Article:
My nephew has a cute and playful Boxer, Caesar who use to chase Molly around my brother's house until she was completely wore out. This is ironic because it was usually Molly who chased her playmates trying to get them to play with her until they were wore out.

When Caesar was a puppy he stood as tall as Molly and would chase Molly in a huge circle around my brother's house. It would start in the living room, head towards the office, down the hall and back into the living room. On this particular day Caesar must have chased Molly for about 10 minutes when she'd finally had enough. She stopped in the living room, ran and bumped Caesar, knocked him over and sat on him. At first he struggled. Then Molly took her front paw and held his head down. After a few minutes he stopped struggling. Molly sat on top of him smiling with her tongue hanging out of her mouth. Of course as soon as she let Caesar up he started chasing her again.

Friday, March 5, 2010

Happy Tails

There is a fantastic publishing company called Happy Tails Books that collects stories from pet owners and others who have participated in pet rescue or adoption. These books are filled with photos and heartwarming stories of pets who have brought love, laughter and happiness to their owner's lives.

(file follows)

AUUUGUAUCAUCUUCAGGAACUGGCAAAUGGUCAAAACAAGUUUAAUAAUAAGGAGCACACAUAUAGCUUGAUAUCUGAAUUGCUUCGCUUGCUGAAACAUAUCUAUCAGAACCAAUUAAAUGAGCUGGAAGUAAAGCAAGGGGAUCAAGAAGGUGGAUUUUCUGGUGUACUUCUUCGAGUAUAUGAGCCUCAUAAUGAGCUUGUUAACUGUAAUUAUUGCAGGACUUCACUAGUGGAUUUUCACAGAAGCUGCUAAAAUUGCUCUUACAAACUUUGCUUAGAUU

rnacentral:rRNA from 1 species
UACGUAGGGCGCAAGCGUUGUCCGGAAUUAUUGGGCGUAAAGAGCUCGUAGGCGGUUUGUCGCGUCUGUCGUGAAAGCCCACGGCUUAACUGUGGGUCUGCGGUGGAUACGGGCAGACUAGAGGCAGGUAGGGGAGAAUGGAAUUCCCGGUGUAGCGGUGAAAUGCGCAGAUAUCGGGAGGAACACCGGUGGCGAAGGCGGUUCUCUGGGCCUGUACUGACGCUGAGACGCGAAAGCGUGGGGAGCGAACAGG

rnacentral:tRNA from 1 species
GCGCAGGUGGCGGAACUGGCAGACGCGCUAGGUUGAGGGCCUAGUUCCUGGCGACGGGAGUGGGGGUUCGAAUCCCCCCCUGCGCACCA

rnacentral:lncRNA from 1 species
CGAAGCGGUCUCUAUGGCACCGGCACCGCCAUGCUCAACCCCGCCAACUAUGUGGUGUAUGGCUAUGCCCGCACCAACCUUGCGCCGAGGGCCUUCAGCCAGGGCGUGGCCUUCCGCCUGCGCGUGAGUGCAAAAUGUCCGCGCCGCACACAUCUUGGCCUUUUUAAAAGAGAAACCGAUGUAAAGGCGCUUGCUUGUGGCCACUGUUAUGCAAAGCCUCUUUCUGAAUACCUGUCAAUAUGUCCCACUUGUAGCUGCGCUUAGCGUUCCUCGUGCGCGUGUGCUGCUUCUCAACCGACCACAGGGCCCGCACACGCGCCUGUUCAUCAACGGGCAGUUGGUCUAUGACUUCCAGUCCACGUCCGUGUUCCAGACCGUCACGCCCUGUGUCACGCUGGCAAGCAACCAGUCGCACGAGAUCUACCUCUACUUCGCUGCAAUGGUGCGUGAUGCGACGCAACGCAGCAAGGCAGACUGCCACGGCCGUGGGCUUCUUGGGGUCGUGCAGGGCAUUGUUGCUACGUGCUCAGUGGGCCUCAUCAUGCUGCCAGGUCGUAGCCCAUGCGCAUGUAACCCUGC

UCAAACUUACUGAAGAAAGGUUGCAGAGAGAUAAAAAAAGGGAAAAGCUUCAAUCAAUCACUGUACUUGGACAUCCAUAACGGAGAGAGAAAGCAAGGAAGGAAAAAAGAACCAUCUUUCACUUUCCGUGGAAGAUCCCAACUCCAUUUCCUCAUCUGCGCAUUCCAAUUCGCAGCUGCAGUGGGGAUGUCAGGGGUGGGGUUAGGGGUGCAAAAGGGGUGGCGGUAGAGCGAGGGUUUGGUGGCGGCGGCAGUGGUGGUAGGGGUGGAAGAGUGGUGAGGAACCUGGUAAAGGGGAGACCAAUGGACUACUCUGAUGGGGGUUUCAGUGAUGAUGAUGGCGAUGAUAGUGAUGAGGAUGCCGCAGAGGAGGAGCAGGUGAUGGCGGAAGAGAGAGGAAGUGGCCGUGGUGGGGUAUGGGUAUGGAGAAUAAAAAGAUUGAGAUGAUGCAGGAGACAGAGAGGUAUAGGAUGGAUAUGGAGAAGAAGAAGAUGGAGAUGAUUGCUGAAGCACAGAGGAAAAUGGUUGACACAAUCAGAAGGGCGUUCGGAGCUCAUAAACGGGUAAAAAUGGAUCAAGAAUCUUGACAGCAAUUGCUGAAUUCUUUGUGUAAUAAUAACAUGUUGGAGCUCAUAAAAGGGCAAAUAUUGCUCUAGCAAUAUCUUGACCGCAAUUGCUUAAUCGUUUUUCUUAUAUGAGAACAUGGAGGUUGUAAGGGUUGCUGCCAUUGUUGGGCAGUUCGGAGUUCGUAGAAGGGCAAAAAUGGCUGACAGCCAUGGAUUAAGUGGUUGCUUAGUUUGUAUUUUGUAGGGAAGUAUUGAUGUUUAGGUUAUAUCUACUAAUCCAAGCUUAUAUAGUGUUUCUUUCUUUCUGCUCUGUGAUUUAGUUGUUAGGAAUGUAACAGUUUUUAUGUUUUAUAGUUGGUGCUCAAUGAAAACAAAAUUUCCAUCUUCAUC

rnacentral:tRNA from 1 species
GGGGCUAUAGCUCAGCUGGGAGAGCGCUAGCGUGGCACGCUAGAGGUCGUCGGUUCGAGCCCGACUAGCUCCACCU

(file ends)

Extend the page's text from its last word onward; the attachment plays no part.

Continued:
Kyla Duffy, Editor-in-Chief of Happy Tails Books talked to Farewell Furry Friend about opening her heart to rescued dogs, the importance of giving back and Bill, the rescue dog who inspired it all.

FFF: Kyla, your company donates a significant portion of its profits to animal rescue efforts. Why is it so important for you to give back? What are some of the organizations you donate to?